Kawiti (Ngati Hine) was another who rejected the Governor: “We do not want to be tied up and trodden down. We are free. Let the missionaries remain, but, as for thee, return to thine own country.” His fellow chiefs were warned that acceptance of Hobson meant the Governor would be able to order: “Kawiti must not paddle this way, nor paddle that way, because the Governor said ‘No.’”

Pumuka (Te Roroa) rose next, saying: “I will have this man a foster-father for me.” To the Governor: “I wish to have two fathers – thou and Busby, and the missionaries.”

Warerahi (Ngaitawake), then addressed his fellow chiefs: “Is it not good to be in peace? We will have this man as our Governor” and “Say to this man of the Queen, Go back! No, no.”

Hakiro (Ngatinanenane) was another recalcitrant: “We are not thy people. We are free. We will not have a Governor.”

Tareha (Ngatirehia) stood after Hakiro and told Hobson: “We, we only are the chiefs, rulers. We will not be ruled over.” Never would he accept “the Governor up high” and Tareha “down, under, beneath!”

Rawiri (Ngatitautahi) rose to greet the Governor in English as his “Father,” saying, “Stay here, O Governor! … that we may be in peace.” Hone Heke (Matarahurahu) reiterated what previous speakers in favour of Hobson had said: “Remain, Governor, a father for us.”

Hakitara (Te Rarawa), also stood up for the Governor, though most of his words were drowned out by side conversations taking place after Heke had spoken.

Tamati Waka Nene (Ngatihao) then told Hobson: “[R]emain for us – a father, a judge, a peacemaker. Stay thou, our friend, our father, our Governor.”

Eruera Maehe Patuone, Tamati Waka Nene’s older brother, spoke next, saying: “Remain here with us, to be a father for us, that the French have us not.”

Te Kemara (who’d spoken first) here jumped up again, saying to the Governor: “Go away; return to thine own land.” To the chiefs, he said: “Let us all be alike [in rank, in power].” Then in an abrupt about-face he told Hobson: “O Governor! remain. But, the Governor up! Te Kemara down, low, flat! No, no, no.” After all that, he still signed it.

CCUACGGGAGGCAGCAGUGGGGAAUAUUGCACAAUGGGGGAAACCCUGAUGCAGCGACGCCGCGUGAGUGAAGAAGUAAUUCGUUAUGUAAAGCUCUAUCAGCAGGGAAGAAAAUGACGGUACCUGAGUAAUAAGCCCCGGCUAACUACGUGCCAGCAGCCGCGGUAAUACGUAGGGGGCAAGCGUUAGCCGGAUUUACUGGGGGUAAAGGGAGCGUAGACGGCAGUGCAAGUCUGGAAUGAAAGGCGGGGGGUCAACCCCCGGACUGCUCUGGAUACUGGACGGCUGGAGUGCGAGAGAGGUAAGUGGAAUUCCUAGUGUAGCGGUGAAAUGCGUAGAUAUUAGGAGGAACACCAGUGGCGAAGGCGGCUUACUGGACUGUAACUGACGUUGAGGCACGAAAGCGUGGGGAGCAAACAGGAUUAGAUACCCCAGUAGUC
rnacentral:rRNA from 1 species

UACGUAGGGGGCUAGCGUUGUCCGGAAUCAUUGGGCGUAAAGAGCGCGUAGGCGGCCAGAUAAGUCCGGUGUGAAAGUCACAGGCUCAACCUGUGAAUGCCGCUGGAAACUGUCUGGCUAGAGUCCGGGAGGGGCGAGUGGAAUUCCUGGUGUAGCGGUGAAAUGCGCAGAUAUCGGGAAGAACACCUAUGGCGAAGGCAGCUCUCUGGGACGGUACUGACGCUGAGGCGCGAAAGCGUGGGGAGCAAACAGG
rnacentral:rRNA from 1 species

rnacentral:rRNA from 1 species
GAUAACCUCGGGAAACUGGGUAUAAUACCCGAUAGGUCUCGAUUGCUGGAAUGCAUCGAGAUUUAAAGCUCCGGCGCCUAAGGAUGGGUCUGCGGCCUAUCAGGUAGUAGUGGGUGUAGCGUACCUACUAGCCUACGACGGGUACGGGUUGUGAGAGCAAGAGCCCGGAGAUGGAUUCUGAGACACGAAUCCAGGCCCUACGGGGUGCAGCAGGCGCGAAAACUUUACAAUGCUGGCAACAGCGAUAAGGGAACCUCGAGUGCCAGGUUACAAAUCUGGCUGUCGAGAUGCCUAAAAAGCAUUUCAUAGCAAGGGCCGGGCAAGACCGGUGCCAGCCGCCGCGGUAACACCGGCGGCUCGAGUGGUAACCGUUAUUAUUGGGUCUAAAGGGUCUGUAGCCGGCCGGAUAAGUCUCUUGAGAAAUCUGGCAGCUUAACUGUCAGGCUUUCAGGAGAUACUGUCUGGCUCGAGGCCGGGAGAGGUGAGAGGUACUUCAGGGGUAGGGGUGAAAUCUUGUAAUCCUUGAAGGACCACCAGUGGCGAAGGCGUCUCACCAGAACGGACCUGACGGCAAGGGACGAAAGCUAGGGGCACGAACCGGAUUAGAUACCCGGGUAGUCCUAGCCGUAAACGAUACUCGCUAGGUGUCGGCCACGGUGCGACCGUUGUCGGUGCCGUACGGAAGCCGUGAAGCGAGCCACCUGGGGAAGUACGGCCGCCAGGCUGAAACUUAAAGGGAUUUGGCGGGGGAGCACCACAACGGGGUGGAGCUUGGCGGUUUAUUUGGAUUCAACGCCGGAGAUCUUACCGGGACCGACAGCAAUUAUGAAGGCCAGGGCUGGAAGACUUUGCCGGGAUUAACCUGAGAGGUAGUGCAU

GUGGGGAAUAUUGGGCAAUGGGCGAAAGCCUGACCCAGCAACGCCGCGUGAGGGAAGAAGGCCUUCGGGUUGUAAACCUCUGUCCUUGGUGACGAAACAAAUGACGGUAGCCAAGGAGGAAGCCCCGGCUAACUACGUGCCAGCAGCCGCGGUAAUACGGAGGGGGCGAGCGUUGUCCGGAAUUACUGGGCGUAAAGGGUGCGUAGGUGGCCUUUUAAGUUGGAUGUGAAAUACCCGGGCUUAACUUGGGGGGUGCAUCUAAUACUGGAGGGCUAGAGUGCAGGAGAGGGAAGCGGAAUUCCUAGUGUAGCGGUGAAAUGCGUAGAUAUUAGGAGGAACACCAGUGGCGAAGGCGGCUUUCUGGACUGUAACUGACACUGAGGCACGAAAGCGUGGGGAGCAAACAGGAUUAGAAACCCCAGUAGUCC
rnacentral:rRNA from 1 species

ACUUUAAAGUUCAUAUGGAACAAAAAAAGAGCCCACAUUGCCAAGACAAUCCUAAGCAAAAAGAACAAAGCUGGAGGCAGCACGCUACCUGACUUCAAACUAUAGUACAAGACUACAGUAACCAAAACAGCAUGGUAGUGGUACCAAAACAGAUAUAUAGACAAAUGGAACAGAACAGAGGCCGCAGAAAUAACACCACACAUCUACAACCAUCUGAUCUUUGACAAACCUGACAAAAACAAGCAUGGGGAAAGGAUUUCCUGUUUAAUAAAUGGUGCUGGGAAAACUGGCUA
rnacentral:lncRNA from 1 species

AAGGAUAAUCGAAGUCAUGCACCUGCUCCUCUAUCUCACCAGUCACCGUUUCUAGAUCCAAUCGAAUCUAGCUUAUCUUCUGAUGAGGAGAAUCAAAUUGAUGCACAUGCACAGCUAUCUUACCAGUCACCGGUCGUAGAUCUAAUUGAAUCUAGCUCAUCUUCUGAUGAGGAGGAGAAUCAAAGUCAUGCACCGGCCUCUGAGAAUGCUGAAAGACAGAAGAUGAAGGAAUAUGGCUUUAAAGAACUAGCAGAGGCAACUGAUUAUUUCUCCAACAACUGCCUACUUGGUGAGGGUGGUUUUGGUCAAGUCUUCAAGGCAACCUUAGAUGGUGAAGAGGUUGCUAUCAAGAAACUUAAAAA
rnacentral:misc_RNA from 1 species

After the Treaty was endorsed by the chiefs at Waitangi, Crown agents went throughout New Zealand seeking signatures. Most chiefs could see the benefit of signing and soon did so, but a substantial minority, centred on the Tainui, Tuwharetoa and Tuhoe tribes did not. The words and actions of non-signatories make it clear they had no intention of being ruled over by someone else.

Revisionist assertions that the word “mana” (prestige, evidence of breeding) should have been used in the Treaty instead of “kawanatanga” (governance) to ensure the chiefs understood what they were actually being asked to give up are politically useful but factually vacuous.

For example, Piko, a chief at Coromandel, rejected the Treaty because he could “see no necessity for placing himself under the dominion of any prince or queen, as he was desirous of governing his own tribe.”

Mananui Te Heuheu, paramount chief of Tuwharetoa also refused to sign, saying “I will never consent to the mana of a woman resting upon these islands. I myself will be chief in these isles: therefore begone!”

Potatau Te Whero Whero, paramount chief of Tainui, was greatly angered to learn that a handful of minor Tainui chiefs had signed the Treaty at Port Waikato on their own initiative and without his prior approval. To head off any suggestion that the Queen’s authority might extend over the Tainui tribes, he made them return the Crown’s red blankets they’d been given in return for their signatures.

The Kohimarama Conference of 1860 was attended by 112 Maori Chiefs, many of whom were Ngapuhi. It had been called to discuss the direct challenge that the Kingitanga [Maori King] Movement was mounting to the Queen’s sovereignty, something the loyal chiefs expected the Crown to quell in the interests of national unity.

Its recorded proceedings further explode Waitangi Tribunal myth-making that those who signed the Treaty had no idea this would make British subjects of all Maori. In opening the Conference, Governor Gore Browne told the chiefs there assembled: “Her Majesty has instructed the Governors who preceded me, and she will instruct those who come after me, to maintain the stipulations of this Treaty inviolate, and to watch over the interests and promote the advancement of her subjects without distinction of Race.”

Speeches by the chiefs
, many of whom had signed the Treaty 20 years before, reiterated their understanding of what this commitment entailed:

Wi Te Tete: “Listen ye Pakehas, and ye Maori Chiefs! We have now become one people under the Queen.”

Hori Kerei Te Kotuku: “When you arrived we were dwelling in ignorance, we were blind. First came Christianity, after that the Law. I saw that there was salvation for me. You appointed magistrates. We received them. It was during the time of Governor Grey that we first recognized the Queen's authority. He said there is no other Sovereign for us but the Queen. I did not receive the Law without consideration. I sought it carefully in the pages of Scripture. I did not search in ignorance. I saw its benefits, and then I embraced it. Now the Queen is my Sovereign.”